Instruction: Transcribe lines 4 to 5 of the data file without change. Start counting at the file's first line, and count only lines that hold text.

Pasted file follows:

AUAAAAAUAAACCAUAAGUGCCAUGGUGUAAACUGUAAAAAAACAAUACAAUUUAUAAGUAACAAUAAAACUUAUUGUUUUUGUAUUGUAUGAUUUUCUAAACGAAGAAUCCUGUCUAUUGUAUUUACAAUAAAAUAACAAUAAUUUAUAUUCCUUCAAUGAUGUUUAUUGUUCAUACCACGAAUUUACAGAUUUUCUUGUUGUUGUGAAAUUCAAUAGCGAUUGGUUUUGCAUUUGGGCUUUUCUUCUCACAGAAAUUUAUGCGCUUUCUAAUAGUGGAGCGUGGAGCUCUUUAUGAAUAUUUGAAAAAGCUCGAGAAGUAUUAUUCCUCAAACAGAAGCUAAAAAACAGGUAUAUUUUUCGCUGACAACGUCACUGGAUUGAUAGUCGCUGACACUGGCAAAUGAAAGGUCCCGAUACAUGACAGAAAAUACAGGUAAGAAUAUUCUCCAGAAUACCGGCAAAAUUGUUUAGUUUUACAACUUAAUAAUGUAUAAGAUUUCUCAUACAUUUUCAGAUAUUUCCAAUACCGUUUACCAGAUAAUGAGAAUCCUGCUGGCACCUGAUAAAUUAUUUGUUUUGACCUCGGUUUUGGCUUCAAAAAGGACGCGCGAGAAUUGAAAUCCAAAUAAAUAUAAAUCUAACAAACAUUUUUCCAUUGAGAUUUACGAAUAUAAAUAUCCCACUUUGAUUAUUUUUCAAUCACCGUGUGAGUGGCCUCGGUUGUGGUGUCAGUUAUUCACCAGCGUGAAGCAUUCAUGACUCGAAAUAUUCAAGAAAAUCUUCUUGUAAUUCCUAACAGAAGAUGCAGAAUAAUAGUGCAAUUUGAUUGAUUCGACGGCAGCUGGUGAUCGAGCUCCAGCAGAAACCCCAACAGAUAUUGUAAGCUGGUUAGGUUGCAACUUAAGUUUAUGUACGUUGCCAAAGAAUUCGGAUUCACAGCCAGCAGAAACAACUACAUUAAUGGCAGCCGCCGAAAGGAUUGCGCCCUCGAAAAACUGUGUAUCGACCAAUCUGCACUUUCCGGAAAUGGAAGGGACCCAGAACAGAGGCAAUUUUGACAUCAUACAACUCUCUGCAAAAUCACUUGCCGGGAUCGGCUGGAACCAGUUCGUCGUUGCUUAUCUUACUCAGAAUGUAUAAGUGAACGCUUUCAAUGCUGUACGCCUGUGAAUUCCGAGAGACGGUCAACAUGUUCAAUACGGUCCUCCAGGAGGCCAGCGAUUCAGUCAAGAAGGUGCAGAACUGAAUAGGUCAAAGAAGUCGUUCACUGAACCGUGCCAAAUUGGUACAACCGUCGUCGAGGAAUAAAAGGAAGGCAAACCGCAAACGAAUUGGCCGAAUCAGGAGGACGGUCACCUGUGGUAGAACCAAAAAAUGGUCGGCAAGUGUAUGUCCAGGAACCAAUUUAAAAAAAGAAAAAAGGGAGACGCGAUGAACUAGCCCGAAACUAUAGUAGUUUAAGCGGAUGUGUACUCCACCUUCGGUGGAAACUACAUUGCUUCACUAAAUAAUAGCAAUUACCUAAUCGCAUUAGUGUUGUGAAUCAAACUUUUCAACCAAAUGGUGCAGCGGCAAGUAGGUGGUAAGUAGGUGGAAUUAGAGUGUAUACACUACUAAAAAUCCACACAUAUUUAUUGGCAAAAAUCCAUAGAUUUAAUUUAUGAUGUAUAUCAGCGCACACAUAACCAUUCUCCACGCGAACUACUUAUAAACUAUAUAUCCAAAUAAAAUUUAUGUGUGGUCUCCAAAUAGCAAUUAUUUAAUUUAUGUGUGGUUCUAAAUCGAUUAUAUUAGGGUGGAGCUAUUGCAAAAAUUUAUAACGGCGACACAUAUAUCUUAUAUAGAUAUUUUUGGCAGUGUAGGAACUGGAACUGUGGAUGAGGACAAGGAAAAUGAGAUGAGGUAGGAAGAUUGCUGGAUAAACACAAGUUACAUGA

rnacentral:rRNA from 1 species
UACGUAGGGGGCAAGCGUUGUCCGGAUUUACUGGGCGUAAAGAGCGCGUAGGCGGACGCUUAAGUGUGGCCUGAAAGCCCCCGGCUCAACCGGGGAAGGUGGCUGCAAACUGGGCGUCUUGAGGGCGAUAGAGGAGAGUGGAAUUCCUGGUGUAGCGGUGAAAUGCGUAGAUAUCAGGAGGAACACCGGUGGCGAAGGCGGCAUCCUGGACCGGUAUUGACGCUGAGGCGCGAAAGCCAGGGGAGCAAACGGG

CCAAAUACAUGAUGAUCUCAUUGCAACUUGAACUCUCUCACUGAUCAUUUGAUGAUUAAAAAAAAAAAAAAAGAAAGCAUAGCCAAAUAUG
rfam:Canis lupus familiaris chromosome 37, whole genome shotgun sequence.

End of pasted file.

CCAAAUACAUGAUGAUCUCAUUGCAACUUGAACUCUCUCACUGAUCAUUUGAUGAUUAAAAAAAAAAAAAAAGAAAGCAUAGCCAAAUAUG
rfam:Canis lupus familiaris chromosome 37, whole genome shotgun sequence.